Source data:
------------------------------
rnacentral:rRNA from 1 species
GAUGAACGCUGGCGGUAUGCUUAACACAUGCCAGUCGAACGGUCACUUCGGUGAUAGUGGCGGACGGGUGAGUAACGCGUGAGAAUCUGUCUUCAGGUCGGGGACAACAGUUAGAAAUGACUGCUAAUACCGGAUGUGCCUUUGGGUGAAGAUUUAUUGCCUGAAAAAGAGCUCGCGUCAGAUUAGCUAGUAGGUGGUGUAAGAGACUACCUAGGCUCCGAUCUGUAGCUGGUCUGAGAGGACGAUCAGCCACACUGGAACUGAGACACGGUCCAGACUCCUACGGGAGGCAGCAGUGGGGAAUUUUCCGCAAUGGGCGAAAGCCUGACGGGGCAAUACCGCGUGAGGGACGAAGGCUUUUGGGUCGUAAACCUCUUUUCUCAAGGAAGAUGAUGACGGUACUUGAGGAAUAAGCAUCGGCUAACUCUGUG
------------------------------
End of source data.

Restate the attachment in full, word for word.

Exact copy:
rnacentral:rRNA from 1 species
GAUGAACGCUGGCGGUAUGCUUAACACAUGCCAGUCGAACGGUCACUUCGGUGAUAGUGGCGGACGGGUGAGUAACGCGUGAGAAUCUGUCUUCAGGUCGGGGACAACAGUUAGAAAUGACUGCUAAUACCGGAUGUGCCUUUGGGUGAAGAUUUAUUGCCUGAAAAAGAGCUCGCGUCAGAUUAGCUAGUAGGUGGUGUAAGAGACUACCUAGGCUCCGAUCUGUAGCUGGUCUGAGAGGACGAUCAGCCACACUGGAACUGAGACACGGUCCAGACUCCUACGGGAGGCAGCAGUGGGGAAUUUUCCGCAAUGGGCGAAAGCCUGACGGGGCAAUACCGCGUGAGGGACGAAGGCUUUUGGGUCGUAAACCUCUUUUCUCAAGGAAGAUGAUGACGGUACUUGAGGAAUAAGCAUCGGCUAACUCUGUG